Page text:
Leo Beletsky3.25.15  Assistant Professor of Law and Health Science Leo Beletsky is partnering with colleagues from the University of California San Diego and El Colegio de la Frontera Norte (COLEF) in Mexico to promote prevention of HIV and other blood-borne infections. The bi-national research team will work closely with the Tijuana Police Department and Police Academy to implement an innovative police education program designed to align law enforcement and HIV prevention in Tijuana. Dubbed "Proyecto ESCUDO" (Project SHIELD), this will be the first major effort to evaluate such an intervention.

Research from around the globe consistently shows that policing practices, such as confiscating needles and interference with public health outreach efforts, are key drivers of HIV and hepatitis risk among people who inject drugs.  Police themselves are also at risk of acquiring disease if they get stuck with needles on the job—a source of extreme anxiety and staff turn-over. This occupational risk is compounded when police improperly discard or break needles.  Beletsky's research in domestic and international settings helped build the foundation for HIV interventions targeting the police.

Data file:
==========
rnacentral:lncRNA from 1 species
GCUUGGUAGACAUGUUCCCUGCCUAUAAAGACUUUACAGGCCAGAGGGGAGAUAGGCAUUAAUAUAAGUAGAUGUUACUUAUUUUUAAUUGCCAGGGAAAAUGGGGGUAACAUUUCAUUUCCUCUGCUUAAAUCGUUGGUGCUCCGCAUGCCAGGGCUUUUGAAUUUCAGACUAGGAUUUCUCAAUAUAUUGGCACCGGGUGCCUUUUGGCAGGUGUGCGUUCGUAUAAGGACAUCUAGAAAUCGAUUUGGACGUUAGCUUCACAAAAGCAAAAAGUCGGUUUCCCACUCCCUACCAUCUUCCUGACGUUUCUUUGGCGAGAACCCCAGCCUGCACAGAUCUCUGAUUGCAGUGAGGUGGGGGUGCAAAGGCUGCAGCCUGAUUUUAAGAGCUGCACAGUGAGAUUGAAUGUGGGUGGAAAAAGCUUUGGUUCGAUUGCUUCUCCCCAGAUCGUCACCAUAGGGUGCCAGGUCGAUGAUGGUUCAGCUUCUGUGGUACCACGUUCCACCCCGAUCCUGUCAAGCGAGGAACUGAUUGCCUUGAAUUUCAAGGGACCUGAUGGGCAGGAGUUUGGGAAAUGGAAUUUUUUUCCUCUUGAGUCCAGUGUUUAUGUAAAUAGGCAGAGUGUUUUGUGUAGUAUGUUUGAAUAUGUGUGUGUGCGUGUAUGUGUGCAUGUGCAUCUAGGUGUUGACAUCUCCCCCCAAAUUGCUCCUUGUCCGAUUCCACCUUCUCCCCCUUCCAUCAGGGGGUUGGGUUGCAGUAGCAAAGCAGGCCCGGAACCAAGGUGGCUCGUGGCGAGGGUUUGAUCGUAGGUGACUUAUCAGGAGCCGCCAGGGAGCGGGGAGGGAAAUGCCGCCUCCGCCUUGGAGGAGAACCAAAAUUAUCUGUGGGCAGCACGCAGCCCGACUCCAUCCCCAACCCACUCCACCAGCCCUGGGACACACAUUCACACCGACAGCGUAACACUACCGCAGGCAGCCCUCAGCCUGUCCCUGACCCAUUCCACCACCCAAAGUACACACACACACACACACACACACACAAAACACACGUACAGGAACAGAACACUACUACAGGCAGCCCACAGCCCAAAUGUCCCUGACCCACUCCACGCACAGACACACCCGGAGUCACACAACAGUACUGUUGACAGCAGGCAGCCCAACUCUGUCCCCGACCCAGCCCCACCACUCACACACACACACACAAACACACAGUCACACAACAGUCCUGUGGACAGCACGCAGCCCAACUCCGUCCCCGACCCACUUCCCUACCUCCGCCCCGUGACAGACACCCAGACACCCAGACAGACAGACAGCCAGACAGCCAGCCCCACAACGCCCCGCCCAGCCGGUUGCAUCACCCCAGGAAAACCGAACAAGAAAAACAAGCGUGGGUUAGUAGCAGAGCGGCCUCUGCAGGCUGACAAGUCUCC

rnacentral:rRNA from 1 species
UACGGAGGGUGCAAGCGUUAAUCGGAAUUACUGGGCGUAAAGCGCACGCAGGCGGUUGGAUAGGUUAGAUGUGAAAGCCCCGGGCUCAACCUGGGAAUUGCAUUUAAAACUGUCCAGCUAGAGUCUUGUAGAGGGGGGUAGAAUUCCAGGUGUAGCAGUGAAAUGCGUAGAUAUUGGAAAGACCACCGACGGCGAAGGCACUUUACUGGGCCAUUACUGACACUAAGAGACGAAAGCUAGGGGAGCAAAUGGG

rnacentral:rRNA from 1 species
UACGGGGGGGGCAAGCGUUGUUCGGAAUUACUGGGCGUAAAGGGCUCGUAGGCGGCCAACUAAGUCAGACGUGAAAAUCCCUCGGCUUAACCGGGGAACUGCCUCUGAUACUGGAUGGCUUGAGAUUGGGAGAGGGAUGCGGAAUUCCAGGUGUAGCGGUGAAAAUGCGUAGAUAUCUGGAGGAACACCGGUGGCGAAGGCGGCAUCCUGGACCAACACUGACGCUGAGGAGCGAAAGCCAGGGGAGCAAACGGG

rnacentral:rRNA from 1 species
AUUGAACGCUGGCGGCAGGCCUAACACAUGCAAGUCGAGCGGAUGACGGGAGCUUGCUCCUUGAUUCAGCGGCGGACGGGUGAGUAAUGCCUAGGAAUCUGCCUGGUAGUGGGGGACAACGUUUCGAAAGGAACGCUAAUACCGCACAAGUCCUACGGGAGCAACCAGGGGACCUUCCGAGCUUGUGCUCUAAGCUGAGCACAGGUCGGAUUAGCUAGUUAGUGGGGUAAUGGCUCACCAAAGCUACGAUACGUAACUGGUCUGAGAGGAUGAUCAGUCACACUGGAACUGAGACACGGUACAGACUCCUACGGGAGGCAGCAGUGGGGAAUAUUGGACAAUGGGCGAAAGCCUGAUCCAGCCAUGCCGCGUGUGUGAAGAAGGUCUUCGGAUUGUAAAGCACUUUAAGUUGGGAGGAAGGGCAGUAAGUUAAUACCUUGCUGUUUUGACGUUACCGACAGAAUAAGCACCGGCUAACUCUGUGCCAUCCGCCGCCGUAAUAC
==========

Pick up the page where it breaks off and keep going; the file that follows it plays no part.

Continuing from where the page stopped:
"To tackle complex problems like drug abuse and epidemics in today’s interconnected world, we have to work across sectors and across borders. Given the rising rates of addiction, infectious disease, and criminal justice on both sides of the Border, the stakes for this project are particularly high. Our study will generate data that can inform international efforts to bring police education programs to scale in the growing number of countries where policing is a documented driver of HIV infection,” said Beletsky, who previously served on the faculty of the Division of Global Public Health at UCSD’s School of Medicine, where he retains an adjunct appointment.

Proyecto ESCUDO will monitor trends in occupational needle-sticks and the attitudes, behaviors and safety precautions taken by Tijuana police. ESCUDO’s impact on people who inject drugs will be externally validated through a parallel study of Tijuana drug injectors. Pilot work for this project was supported by the UCSD Center for AIDS Research and Open Society Foundations. Proyecto ESCUDO is supported by a grant from the National Institute on Drug Abuse.    

“These findings are expected to inform international efforts to bring police education programs to scale in the growing number of countries where policing is a documented driver of HIV infection,” said Beletsky.

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